Updated: May 15, 2019
Credit from Gary DeAsi
In a digital world where customer-centricity, personalization, and customer experience separate the winners from the losers, it’s no coincidence that these companies thrive. Before long, it will grow increasingly difficult to compete in any industry for those who are too slow to follow in their customer-centric, behavioral data-driven footsteps.
And yet, it’s amazing how many organizations still only take advantage of a mere fraction of the behavioral data at their fingertips.
There’s a good chance that this includes yours. If so, here’s the good news…
You don’t need to be an internet giant in order to leverage the power of behavioral customer data and analytics to take your business to the next level.
In fact, with the right knowledge and tools, any organization can do it. B2B, B2C, regardless of industry or size.
In this post, I’ll bring you up to speed on why customer behavior data is so important today, how it can be used to drive results, and why every company needs to adopt this approach.
Why Is Customer Behavior Data So Important Today?
Before the digital age, back when traditional one-way mass marketing communication was not only still a thing, but the only thing, personalization and customer experience didn’t really matter so much.
Back then, companies could get away with segmenting customers using primarily demographic and firmographic traits such as age, gender, income, ethnicity, occupation, industry, company size, geographic location etc.
In other words, focusing exclusively on the who.
Of course, there’s no arguing the importance of understanding who your customers are. Today, developing customer personas and ideal customer profiles are undoubtedly vital practices for understanding our target customers and for effective customer journey mapping.
But in the customer-centric world we live in today, just understanding “who” your customers are doesn’t cut it.
As Netflix’s VP of Product Innovation, Todd Yellin, pointed out in an interview with Mashable a few years ago:
“It really doesn’t matter if you are a 60-year-old woman or a 20-year-old man because a 20-year-old man can watch Say Yes To The Dress and a 60-year-old woman could watch Hellboy.” Todd Yellin, VP of Product Innovation at Netflix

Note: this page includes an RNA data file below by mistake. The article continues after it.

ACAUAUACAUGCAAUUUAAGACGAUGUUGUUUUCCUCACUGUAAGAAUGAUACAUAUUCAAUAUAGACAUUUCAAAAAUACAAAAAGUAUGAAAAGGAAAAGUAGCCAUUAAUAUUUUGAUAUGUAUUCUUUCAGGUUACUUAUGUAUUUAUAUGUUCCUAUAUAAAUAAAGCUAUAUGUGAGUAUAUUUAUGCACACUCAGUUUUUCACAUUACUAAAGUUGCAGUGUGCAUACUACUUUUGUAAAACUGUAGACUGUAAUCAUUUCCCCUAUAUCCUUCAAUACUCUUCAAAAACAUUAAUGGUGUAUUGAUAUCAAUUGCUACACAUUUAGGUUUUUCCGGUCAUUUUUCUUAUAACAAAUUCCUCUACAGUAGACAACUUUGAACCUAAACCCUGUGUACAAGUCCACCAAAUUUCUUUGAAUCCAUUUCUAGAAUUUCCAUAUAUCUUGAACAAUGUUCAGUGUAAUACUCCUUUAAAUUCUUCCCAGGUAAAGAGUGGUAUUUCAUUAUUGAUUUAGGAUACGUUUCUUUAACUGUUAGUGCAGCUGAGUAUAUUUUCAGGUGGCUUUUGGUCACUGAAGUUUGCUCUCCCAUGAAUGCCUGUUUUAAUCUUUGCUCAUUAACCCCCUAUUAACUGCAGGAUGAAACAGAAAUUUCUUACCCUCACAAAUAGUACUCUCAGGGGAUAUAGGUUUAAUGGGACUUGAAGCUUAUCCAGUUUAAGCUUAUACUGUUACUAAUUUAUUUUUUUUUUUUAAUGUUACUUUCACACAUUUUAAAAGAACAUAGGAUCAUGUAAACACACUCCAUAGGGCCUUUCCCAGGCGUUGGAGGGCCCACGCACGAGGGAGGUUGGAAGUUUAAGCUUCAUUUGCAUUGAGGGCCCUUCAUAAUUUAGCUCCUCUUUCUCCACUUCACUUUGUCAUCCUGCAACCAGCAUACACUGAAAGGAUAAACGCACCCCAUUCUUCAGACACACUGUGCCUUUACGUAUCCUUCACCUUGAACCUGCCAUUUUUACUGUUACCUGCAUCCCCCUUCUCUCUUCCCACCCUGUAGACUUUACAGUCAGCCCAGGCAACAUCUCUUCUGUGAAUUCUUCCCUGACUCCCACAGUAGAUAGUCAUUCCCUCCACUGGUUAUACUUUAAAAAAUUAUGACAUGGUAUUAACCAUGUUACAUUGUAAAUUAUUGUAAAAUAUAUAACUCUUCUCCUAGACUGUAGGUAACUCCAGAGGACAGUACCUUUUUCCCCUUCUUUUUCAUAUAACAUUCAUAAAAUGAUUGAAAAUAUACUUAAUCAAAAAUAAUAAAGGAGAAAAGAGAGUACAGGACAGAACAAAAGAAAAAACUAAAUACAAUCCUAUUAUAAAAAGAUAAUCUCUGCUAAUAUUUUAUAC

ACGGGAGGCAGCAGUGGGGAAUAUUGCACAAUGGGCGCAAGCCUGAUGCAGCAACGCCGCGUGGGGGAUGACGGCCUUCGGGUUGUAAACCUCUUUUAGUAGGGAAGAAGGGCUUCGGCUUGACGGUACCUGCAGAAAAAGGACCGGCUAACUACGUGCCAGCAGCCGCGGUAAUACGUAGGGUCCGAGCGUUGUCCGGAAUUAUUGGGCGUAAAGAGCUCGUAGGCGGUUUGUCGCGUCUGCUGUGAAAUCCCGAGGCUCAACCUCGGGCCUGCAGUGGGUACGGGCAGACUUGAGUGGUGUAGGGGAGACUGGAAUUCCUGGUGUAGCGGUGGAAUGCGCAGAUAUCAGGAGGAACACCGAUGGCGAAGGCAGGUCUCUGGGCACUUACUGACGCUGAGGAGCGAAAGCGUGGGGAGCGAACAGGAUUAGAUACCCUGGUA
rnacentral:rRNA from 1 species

As a 30-year-old male die hard Downton Abbey fan, this quote certainly rings true for me.
But I think it does a good job of summarizing the important point at hand, which is that:
You can’t possibly make assumptions on individual customers’ interests, needs, wants or values based purely upon who they are, or any “personal” you’ve assigned to them based only on demographic or qualitative characteristics.
Instead, companies like Amazon, Netflix and Google know that the key to understanding their customers can lie more in what they do; that quantitative insights revealed through their behaviors can paint a much more accurate picture of what their customers want and need, and how and when to best deliver it to them.
Use Customer Behavior Data to Deliver Personalized Customer Experiences
Fueled almost entirely by customer behavior data, their advanced recommendation engine algorithms are designed to serve customers dynamically personalized content and product suggestions based upon each customer’s past behavior.
Just how effective are these customer behavior-based recommendation engines?
Here are a couple quick stats to get an idea:
75% of Netflix viewer activity is driven by recommendation
35% of Amazon’s sales are generated through their recommendation engine
Netflix’s recommendation system saves the company an estimated $1Billion per year through reduced churn
I’d say it’s working out pretty well for them.
But as insanely effective as it is, personalization is just one (incredibly lucrative) use case for how these digital age titans are using behavioral customer data and analytics.
Today, leading companies are increasingly thinking in terms of end-to-end customer journeys. They’re using data to understand and segment customers by their behavior to improve customer experience and deliver real business value, as I’ll discuss in more detail next.
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In emerging countries, mobile payments in stores are increasing, with Vietnam seeing the biggest increase to 61% in a period of one year, followed by the Middle East (45%). In general, Asian countries are more likely to adopt this behaviour more quickly than Western countries. Read more in PwC’s Global Consumer Insights Survey 2019, which assesses behaviour, habits and expectations of over 21,000 online consumers in 27 territories.